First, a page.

Crisis and Reconstruction in European Cities 1914-1945
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Over the ‚short’ 20th century – between World
War I and the breakdown of communism – inhabitants of European cities
lived through very difficult but also – at least in some parts of Europe
– very good times. This module
will concentrate on the interwar-period which was marked by sharp social
tensions and antagonisms, but also by first advances towards a
rather comprehensive welfare state in some European states.
However the experience of the great depression and mass unemployment
of the 1930s in many instances undermined such advances and promoted authoritarian
and dictatorial solutions
This module will deal with the question how urban experience
has been influenced by general conditions of the times and how city dwellers
managed to survive in times of crisis, destruction and reconstruction.
It will be led by the general question if and to what extent urban
experiences in European cities have been affected by similar problems
and challenges, if there are common perceptions and comparable approaches
and solutions to urban problems, irrespective or only coloured by national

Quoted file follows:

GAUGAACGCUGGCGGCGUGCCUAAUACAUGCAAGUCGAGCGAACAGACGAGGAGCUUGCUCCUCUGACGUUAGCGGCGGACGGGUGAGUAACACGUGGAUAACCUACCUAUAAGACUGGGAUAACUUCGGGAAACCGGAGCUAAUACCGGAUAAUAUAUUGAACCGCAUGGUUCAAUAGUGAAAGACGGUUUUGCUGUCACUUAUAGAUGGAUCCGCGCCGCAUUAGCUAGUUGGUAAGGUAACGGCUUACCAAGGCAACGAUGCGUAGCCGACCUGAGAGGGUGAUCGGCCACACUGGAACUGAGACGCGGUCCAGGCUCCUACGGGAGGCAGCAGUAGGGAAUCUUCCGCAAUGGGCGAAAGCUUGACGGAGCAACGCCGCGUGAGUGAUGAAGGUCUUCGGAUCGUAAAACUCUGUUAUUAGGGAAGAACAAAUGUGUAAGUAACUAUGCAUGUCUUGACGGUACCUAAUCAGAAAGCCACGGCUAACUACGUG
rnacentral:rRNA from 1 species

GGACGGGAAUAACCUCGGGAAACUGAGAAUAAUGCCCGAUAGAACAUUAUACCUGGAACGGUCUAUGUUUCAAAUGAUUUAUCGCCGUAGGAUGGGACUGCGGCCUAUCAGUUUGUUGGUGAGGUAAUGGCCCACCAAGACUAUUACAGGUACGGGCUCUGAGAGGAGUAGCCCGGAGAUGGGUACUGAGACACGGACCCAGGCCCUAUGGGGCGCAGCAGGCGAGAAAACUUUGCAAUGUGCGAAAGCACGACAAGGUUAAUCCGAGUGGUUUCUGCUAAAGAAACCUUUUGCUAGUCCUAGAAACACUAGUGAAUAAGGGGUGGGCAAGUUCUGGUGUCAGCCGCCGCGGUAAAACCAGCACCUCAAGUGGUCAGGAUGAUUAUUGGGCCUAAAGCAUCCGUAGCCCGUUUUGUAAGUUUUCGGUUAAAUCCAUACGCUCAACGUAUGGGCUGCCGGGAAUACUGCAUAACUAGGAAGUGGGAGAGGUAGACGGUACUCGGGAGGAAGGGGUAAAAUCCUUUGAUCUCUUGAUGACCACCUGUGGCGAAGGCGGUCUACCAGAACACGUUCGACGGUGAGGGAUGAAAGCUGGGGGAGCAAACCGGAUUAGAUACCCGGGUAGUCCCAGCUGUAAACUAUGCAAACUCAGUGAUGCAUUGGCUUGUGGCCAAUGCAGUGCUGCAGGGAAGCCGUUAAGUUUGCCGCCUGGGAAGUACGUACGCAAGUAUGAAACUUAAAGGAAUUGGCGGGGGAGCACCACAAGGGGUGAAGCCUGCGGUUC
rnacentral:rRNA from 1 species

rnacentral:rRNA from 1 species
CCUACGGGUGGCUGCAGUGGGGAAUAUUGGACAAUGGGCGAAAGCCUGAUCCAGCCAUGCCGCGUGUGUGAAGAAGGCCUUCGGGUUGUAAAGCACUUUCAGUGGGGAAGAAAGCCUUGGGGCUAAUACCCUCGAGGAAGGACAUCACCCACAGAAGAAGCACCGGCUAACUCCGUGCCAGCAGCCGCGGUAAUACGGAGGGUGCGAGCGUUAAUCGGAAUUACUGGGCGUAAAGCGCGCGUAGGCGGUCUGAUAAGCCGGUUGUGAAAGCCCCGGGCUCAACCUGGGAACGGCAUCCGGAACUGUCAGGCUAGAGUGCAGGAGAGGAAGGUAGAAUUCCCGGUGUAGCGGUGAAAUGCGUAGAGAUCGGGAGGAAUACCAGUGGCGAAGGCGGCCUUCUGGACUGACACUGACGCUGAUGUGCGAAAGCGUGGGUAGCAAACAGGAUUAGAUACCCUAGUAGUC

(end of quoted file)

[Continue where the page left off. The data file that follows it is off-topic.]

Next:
and cultural traditions.
We will approach this wide field by highlighting cities
in special situations where local and overarching social and national
conflicts intertwine. Examples
will be Munich, Vienna, Berlin, Barcelona, Paris, Stockholm and other
cities. From these “spot-light”
scenarios we will probe deeper into the history and texture of these cities,
bring to light their specific profile as well as the general tendencies
and forces at work in that particular city at that time.
Students will be encouraged to develop an understanding
of the relationship between architectural reform, social policy and social
planning in so far as social reform in this period involved politics of
space, reshaping urban landscapes, revising the way people lived in cities
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